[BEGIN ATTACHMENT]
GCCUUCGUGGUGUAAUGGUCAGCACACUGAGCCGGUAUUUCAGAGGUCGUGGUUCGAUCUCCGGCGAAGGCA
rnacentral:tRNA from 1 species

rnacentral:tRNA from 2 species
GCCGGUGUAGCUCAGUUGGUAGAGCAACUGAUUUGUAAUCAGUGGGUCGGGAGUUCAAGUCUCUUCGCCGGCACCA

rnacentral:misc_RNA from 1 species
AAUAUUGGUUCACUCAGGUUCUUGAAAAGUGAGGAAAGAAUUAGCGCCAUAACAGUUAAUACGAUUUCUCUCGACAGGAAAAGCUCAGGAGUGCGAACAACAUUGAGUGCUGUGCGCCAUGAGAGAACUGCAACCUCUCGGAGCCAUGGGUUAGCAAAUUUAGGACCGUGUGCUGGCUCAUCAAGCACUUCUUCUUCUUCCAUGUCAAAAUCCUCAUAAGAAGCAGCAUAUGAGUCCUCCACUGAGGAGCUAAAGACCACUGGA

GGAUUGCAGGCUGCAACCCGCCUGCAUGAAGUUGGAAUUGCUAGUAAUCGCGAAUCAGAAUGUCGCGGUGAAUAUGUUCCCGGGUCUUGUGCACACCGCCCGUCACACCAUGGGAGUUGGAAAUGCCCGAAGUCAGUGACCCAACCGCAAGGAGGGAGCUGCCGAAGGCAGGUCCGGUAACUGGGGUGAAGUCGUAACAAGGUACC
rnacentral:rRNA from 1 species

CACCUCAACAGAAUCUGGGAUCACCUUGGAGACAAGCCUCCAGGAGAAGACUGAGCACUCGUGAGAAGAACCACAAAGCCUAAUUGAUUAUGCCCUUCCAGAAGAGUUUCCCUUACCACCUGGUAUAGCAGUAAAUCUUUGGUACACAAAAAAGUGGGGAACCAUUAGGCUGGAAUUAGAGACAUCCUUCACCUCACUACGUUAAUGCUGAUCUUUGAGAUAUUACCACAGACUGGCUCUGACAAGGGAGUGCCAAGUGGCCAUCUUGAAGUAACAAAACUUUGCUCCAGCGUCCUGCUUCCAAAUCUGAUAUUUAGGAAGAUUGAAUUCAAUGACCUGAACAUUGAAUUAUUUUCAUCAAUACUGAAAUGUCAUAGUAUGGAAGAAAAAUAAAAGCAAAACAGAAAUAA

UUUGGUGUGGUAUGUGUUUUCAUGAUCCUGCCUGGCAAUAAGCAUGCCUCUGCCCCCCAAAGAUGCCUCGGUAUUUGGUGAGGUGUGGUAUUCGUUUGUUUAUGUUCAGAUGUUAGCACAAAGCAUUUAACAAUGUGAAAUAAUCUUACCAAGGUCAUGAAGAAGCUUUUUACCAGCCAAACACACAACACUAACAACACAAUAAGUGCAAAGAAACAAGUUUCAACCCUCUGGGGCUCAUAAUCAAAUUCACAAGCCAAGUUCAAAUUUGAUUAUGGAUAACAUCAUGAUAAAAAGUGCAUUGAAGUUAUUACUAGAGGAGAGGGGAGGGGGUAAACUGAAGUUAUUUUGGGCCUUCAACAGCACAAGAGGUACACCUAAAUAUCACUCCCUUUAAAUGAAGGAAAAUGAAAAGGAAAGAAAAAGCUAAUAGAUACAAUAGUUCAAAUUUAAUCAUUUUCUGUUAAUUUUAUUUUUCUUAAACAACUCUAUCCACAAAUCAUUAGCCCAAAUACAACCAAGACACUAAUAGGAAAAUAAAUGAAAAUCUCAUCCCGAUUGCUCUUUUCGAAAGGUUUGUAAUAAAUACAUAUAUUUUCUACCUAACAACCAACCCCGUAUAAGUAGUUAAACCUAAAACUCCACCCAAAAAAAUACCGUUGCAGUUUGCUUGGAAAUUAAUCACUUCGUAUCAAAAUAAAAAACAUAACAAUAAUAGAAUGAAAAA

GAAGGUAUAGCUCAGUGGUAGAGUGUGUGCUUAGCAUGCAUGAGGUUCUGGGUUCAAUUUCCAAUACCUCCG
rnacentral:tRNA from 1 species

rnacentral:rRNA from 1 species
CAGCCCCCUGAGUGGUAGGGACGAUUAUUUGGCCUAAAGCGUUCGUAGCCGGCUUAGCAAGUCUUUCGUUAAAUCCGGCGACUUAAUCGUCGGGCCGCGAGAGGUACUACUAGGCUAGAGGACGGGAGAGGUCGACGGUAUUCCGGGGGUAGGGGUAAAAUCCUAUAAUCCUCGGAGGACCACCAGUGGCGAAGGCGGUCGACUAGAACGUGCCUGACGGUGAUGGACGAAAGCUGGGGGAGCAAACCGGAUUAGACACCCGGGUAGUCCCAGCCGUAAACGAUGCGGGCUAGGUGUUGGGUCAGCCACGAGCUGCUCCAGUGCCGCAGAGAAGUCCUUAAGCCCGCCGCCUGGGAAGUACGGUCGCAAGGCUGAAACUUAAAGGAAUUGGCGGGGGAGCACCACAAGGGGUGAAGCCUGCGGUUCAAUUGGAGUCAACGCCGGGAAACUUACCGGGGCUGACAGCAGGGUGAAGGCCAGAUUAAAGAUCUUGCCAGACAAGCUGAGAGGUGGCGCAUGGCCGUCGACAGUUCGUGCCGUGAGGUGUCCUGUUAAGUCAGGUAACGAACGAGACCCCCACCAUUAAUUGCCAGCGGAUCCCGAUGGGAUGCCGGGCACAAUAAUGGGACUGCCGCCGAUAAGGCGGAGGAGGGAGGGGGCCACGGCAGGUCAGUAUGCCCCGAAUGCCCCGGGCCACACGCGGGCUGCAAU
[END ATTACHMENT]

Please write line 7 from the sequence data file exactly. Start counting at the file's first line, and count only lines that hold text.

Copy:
GGAUUGCAGGCUGCAACCCGCCUGCAUGAAGUUGGAAUUGCUAGUAAUCGCGAAUCAGAAUGUCGCGGUGAAUAUGUUCCCGGGUCUUGUGCACACCGCCCGUCACACCAUGGGAGUUGGAAAUGCCCGAAGUCAGUGACCCAACCGCAAGGAGGGAGCUGCCGAAGGCAGGUCCGGUAACUGGGGUGAAGUCGUAACAAGGUACC